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  • 1.
    Cerveny, Daniel
    et al.
    Umeå University, Faculty of Science and Technology, Department of Chemistry. University of South Bohemia in Ceske Budejovice, Faculty of Fisheries and Protection of Waters, South Bohemian Research Center of Aquaculture and Biodiversity of Hydrocenoses, Zátiší 728/II, 389 25 Vodnany, Czech Republic.
    Brodin, T.
    Cisar, P.
    McCallum, E. S.
    Fick, Jerker
    Umeå University, Faculty of Science and Technology, Department of Chemistry.
    Bioconcentration and behavioral effects of four benzodiazepines and their environmentally relevant mixture in wild fish2020In: Science of the Total Environment, ISSN 0048-9697, E-ISSN 1879-1026, Vol. 702, article id 134780Article in journal (Refereed)
    Abstract [en]

    We studied the adverse effects of four benzodiazepines frequently measured in European surface waters. We evaluated bioaccumulation potential of oxazepam, bromazepam, temazepam, and clobazam in freshwater fish species - perch (Perca fluviatilis) and we conducted a series of behavioral trials to assess their potential to alter boldness, activity, and social behavior. All selected endpoints were studied individually for each target benzodiazepine and as a mixture of all tested compounds to assess possible combinatory effects. We used a three-dimensional automated tracking system to quantify the fish behavior. The four compounds bioconcentrated differently in fish muscle (temazepam > clobazam > oxazepam > bromazepam) at high exposure (9.1, 6.9, 5.7, 8.1 mu g L-1, respectively) and low exposure (0.5, 0.5, 0.3, 0.4 mu g L-1, respectively) concentrations. A significant amount of oxazepam was also measured in fish exposed to temazepam, most likely because of the metabolic transformation of temazepam within the fish. Bromazepam, temazepam, and clobazam significantly affected fish behavior at high concentration, while no statistically significant changes were registered for oxazepam. The studied benzodiazepines affected behavior in combination, because the mixture treatment significantly changed several important behavioral traits even at low concentration, while no single compound exposure had such an effect at that dose. Based on our results, we conclude that effects of pharmaceuticals on aquatic environments could be underestimated if risk assessments only rely on the evaluation of single compounds. More studies focused on the combinatory effects of environmentally relevant mixtures of pharmaceuticals are necessary to fill the gaps in this knowledge.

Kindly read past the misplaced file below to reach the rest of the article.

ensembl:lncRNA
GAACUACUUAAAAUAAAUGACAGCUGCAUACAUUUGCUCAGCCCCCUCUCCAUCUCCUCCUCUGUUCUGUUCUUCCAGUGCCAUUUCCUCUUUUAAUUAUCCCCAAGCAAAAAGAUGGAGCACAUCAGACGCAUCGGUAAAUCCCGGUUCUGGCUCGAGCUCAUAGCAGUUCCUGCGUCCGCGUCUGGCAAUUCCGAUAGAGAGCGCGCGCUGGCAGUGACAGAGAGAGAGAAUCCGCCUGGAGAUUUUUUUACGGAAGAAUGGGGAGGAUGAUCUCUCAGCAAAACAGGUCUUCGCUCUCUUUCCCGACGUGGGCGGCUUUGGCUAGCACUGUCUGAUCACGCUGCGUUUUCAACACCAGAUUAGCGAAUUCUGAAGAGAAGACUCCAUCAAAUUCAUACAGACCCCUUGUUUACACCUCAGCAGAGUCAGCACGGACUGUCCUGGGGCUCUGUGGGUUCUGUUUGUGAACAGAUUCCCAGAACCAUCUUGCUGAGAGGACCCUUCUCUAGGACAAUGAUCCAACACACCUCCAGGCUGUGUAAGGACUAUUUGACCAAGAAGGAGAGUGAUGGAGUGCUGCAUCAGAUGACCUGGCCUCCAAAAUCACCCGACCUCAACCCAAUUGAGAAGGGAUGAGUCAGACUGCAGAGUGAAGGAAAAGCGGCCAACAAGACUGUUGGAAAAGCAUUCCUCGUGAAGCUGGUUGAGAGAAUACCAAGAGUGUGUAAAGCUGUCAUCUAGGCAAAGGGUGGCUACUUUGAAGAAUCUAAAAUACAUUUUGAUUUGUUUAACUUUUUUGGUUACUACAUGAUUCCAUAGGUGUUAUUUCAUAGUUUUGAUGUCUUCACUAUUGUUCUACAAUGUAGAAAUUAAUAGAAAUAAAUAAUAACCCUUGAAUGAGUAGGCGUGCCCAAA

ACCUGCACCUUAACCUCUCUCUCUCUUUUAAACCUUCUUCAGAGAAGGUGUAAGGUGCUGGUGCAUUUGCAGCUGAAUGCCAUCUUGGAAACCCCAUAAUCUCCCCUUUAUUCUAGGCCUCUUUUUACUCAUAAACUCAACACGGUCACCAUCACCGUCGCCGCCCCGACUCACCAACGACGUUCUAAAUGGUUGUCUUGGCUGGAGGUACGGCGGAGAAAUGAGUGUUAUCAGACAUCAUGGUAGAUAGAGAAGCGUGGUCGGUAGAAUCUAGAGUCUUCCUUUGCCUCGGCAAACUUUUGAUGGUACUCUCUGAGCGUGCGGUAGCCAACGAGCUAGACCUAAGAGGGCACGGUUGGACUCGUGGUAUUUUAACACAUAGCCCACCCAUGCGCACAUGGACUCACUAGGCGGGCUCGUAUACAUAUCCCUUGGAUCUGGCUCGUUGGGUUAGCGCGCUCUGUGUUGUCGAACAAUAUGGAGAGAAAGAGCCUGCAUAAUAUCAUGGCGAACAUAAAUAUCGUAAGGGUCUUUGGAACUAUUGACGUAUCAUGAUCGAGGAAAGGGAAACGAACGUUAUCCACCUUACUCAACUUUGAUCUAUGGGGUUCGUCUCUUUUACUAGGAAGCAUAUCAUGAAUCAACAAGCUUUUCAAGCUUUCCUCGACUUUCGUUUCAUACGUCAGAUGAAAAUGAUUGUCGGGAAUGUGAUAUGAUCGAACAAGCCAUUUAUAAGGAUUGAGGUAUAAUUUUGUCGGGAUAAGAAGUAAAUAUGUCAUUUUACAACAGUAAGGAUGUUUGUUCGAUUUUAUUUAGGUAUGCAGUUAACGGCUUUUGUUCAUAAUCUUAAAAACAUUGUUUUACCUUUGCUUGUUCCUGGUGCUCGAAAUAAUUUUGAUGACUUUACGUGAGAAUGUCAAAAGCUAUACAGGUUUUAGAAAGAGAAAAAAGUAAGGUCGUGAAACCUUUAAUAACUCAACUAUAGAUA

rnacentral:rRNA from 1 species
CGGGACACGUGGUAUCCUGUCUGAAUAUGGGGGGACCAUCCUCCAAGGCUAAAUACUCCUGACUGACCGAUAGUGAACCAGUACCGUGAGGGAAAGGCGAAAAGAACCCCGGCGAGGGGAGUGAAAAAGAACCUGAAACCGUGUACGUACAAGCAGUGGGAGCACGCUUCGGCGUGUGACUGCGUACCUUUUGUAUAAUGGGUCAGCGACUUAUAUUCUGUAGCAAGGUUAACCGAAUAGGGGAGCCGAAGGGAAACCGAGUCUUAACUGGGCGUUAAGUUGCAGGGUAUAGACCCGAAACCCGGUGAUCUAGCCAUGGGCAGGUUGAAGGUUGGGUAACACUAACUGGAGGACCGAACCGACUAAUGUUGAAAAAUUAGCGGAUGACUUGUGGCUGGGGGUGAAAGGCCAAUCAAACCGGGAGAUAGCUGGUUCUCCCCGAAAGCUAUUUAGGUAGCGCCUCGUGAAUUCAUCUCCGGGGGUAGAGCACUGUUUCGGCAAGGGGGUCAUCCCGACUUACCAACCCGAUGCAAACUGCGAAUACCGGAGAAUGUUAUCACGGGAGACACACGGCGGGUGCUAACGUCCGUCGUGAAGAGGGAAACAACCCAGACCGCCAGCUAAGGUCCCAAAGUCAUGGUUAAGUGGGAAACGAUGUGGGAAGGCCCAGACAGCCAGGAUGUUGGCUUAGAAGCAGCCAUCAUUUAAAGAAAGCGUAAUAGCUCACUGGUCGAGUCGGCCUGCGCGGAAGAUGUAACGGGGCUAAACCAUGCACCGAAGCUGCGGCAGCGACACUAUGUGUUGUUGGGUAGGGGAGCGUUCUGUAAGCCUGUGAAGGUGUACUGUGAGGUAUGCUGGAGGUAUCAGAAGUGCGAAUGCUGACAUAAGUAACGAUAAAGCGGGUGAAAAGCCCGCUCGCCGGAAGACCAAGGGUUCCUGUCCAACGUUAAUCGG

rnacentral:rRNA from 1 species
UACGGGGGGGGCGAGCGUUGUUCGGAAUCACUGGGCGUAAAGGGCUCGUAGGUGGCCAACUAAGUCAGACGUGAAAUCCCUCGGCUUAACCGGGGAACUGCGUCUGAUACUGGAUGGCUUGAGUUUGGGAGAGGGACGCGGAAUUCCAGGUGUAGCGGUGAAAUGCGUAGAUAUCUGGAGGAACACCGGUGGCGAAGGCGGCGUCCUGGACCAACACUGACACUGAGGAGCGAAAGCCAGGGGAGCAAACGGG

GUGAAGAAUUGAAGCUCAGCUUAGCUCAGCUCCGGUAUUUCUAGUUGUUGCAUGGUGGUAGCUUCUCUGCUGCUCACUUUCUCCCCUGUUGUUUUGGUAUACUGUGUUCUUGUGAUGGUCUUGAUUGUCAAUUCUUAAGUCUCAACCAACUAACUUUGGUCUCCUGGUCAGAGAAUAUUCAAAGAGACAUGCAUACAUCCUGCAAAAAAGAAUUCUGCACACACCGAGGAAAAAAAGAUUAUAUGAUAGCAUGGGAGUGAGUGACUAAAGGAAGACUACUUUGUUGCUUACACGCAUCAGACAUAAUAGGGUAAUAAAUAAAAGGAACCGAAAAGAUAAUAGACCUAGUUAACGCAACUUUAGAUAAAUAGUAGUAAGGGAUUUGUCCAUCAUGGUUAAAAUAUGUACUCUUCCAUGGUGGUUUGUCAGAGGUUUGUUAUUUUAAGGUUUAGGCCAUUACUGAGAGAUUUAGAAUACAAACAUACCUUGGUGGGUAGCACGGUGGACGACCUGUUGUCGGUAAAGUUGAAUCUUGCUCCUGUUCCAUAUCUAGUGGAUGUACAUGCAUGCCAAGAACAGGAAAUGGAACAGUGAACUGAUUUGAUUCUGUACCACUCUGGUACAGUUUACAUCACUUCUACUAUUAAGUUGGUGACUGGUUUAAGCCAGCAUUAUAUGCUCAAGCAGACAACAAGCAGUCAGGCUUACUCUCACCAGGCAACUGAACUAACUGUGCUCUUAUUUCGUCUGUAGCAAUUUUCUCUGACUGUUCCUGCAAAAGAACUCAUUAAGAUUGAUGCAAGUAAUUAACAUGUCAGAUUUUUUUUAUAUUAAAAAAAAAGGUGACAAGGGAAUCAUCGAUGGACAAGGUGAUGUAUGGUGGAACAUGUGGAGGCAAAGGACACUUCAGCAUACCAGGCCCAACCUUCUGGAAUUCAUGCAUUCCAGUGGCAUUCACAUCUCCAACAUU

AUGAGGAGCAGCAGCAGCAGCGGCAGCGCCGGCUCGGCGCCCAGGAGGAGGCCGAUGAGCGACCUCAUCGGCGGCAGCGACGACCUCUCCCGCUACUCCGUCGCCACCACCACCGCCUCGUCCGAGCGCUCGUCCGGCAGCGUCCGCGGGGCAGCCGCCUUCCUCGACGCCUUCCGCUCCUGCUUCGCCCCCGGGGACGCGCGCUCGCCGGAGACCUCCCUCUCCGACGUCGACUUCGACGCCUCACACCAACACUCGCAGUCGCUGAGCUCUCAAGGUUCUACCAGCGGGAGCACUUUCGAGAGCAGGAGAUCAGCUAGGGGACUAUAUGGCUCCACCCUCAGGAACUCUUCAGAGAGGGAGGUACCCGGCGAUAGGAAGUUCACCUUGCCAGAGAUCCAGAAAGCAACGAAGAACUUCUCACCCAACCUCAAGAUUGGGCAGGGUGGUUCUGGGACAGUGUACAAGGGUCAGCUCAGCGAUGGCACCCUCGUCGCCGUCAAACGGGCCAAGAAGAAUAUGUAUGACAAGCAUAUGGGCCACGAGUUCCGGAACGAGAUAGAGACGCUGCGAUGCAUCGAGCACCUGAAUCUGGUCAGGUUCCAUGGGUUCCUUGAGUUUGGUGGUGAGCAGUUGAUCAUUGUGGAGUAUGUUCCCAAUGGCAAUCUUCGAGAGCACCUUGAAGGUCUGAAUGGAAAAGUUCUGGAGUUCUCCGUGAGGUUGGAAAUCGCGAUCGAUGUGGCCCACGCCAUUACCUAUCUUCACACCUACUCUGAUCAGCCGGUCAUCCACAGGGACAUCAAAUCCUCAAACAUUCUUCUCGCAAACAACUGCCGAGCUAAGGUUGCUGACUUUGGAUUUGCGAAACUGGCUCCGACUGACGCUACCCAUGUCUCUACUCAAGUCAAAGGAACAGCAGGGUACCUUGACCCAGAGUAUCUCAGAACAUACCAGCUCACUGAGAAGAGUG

• 2.
    Cerveny, Daniel
    et al.
    Umeå University, Faculty of Science and Technology, Department of Chemistry. University of South Bohemia in Ceske Budejovice, Faculty of Fisheries and Protection of Waters, South Bohemian Research Center of Aquaculture and Biodiversity of Hydrocenoses, Vodnany, Czech Republic.
    Grabic, Roman
    Fedorova, Ganna
    Grabicova, Katerina
    Turek, Jan
    Zlabek, Vladimir
    Randak, Tomas
    Fate of perfluoroalkyl substances within a small stream food web affected by sewage effluent2018In: Water Research, ISSN 0043-1354, E-ISSN 1879-2448, Vol. 134, p. 226-233Article in journal (Refereed)
    Abstract [en]

    The fate of fourteen target perfluoroalkyl substances (PFASs) are described within a small stream affected by a sewage treatment plant (STP) effluent. Concentrations of target PFASs in samples of water, benthic macroinvertebrates and brown trout (Salmo trutta) are presented. Two hundred brown trout individuals originating from clean sites within the same stream were tagged and stocked into an experimental site affected by the STP's effluent. As a passive sampling approach, polar organic chemical integrative samplers (POCIS) were deployed in the water to reveal the water-macroinvertebrates-fish biotransformation processes of PFASs. Bioconcentration/bioaccumulation of target compounds was monitored one, three, and six months after stocking. Twelve of the fourteen target PFASs were found in concentration above the LOQ in at least one of the studied matrices. The compound pattern varied significantly between both the studied species and water samples. Concerning the accumulation of PFASs in fish, the highest concentrations were found in the liver of individuals sampled after three months of exposure. These concentrations rapidly decreased after six months although the water concentrations were slightly increasing during experiment.

  • 3.
    McCallum, Erin
    et al.
    Umeå University, Faculty of Science and Technology, Department of Ecology and Environmental Sciences.
    Cerveny, Daniel
    Umeå University, Faculty of Science and Technology, Department of Chemistry.
    Fick, Jerker
    Umeå University, Faculty of Science and Technology, Department of Chemistry.
    Brodin, Tomas
    Slow-Release Implants for Manipulating Contaminant Exposures in Aquatic Wildlife: A New Tool for Field Ecotoxicology2019In: Environmental Science and Technology, ISSN 0013-936X, E-ISSN 1520-5851, Vol. 53, no 14, p. 8282-8290Article in journal (Refereed)
    Abstract [en]